... fait pour Francois I^{er}; le chiffre de ce Prince se trouve au premier feuillet. Le Vol. se compose de 94 feuillets de texte, et de 4 feuillets de table. L'Ecriture est tres-belle, et parait etre de l'un des meilleurs calligraphes de l'epoque de Francois I^{er}; beaucoup de mots sont en ...
— Notes and Queries, Number 210, November 5, 1853 • Various

... of a metropolis like this, yearning for a visit, and sending off by frequent Opportunities, never by mail, those remarkable epistolary compounds of hopes and wants which no other race of beings can compose in perfection: 'Hope JOHN is well, and BETSEY will come and see us next summer; and want'—LAWSON and STEWART! what do they not want? Every thing; from twenty yards of silk down to a penny's-worth of tape. The letters run somewhat in ...
— The Knickerbocker, or New-York Monthly Magazine, June 1844 - Volume 23, Number 6 • Various

... of the forest before her naturally causing her to pause, she dropped down upon an old mossy log to rest her worn and wearied frame, and try to collect her confused and scattered faculties. While here endeavoring to rally her sinking spirits, and compose her thoughts so as to look more coolly on her situation, she began to discern, through the openings of the foliage, the dark outlines of a high mountain, rising, at the distance of two or three miles, directly in front of her. It now occurred to her that, like other persons lost in the woods, ...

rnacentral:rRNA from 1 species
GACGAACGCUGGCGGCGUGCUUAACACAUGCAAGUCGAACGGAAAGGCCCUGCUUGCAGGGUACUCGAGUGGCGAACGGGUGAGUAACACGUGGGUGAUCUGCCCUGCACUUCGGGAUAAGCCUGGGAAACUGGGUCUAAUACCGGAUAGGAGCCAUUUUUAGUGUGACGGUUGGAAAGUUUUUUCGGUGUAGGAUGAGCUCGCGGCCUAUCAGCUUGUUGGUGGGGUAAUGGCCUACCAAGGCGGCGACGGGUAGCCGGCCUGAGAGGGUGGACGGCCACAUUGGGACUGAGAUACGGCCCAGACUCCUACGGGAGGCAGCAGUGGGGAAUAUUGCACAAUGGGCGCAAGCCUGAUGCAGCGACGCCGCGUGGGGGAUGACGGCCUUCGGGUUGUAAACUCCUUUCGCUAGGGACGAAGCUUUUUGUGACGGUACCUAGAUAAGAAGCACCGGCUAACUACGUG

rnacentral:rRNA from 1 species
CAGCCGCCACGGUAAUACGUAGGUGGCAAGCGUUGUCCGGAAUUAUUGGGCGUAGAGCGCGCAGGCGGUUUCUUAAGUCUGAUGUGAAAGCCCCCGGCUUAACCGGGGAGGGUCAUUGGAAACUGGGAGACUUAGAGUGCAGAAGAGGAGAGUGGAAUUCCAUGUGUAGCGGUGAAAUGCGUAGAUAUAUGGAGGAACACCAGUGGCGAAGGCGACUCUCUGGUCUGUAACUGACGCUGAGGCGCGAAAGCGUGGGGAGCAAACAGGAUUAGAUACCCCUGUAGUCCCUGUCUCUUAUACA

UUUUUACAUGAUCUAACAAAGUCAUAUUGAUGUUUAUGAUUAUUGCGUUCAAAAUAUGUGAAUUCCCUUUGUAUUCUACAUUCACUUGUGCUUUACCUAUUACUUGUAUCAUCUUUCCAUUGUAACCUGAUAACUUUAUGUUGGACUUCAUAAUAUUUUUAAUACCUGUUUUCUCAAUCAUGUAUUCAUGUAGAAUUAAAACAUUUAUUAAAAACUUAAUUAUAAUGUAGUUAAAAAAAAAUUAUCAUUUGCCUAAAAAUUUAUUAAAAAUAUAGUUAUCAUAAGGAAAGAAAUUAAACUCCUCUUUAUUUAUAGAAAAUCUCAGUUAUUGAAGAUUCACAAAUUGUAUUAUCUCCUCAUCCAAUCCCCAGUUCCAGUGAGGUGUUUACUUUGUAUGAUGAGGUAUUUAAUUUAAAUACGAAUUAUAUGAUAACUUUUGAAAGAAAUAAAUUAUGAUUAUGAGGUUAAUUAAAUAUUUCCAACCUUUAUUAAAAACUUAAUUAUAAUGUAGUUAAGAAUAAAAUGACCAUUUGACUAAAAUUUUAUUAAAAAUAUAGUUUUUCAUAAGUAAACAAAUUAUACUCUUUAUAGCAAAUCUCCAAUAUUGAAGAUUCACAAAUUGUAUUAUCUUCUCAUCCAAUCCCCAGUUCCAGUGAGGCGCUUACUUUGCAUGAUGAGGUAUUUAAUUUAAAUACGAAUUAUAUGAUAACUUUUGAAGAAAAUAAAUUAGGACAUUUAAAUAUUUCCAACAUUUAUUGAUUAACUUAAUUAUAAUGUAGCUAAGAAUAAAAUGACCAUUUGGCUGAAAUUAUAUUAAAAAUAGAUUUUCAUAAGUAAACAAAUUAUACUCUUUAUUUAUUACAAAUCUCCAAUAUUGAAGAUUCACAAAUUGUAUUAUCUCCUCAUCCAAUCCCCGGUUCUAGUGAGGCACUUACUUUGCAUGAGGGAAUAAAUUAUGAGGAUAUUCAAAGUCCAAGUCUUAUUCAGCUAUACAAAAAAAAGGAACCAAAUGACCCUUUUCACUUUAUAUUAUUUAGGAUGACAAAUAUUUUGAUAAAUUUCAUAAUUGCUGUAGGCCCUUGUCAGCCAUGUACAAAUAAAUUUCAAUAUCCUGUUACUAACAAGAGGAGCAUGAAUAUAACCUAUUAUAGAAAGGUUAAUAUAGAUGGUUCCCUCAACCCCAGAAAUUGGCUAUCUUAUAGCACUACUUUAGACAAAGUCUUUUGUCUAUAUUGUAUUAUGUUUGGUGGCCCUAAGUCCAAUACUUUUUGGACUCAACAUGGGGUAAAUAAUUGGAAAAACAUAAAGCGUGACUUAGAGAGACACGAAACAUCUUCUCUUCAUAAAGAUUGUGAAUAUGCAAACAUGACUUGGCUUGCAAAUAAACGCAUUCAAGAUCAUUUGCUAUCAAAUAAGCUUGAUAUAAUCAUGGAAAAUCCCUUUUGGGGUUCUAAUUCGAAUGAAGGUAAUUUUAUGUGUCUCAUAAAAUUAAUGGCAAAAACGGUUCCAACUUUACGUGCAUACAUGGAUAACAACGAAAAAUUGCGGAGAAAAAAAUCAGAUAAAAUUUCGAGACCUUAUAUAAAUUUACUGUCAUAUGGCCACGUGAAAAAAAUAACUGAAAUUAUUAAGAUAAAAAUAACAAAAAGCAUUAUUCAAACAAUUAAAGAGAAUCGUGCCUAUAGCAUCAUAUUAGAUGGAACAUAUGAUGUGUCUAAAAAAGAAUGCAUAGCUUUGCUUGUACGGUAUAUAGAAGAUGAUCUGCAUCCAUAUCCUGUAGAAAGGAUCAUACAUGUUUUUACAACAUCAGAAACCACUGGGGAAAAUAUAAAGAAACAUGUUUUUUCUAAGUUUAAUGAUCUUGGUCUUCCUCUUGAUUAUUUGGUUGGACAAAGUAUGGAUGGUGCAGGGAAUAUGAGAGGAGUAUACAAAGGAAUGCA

— The Rangers - [Subtitle: The Tory's Daughter] • D. P. Thompson

... the confusion and obscurity of the style, is by most people neither liked nor understood, but is held in weariness and contempt. Charity therefore urging us, we will endeavor, by reducing them to order, to collect what are confused, when collected to compose them into a volume, and, when composed, to season them, if not with all the excellence of our language, at least with some of its elegance. To this our endeavor the instruction of the threefold instrument which is described to belong to the candlestick of the tabernacle giveth aid; for we find therein ...
— The Most Ancient Lives of Saint Patrick - Including the Life by Jocelin, Hitherto Unpublished in America, and His Extant Writings • Various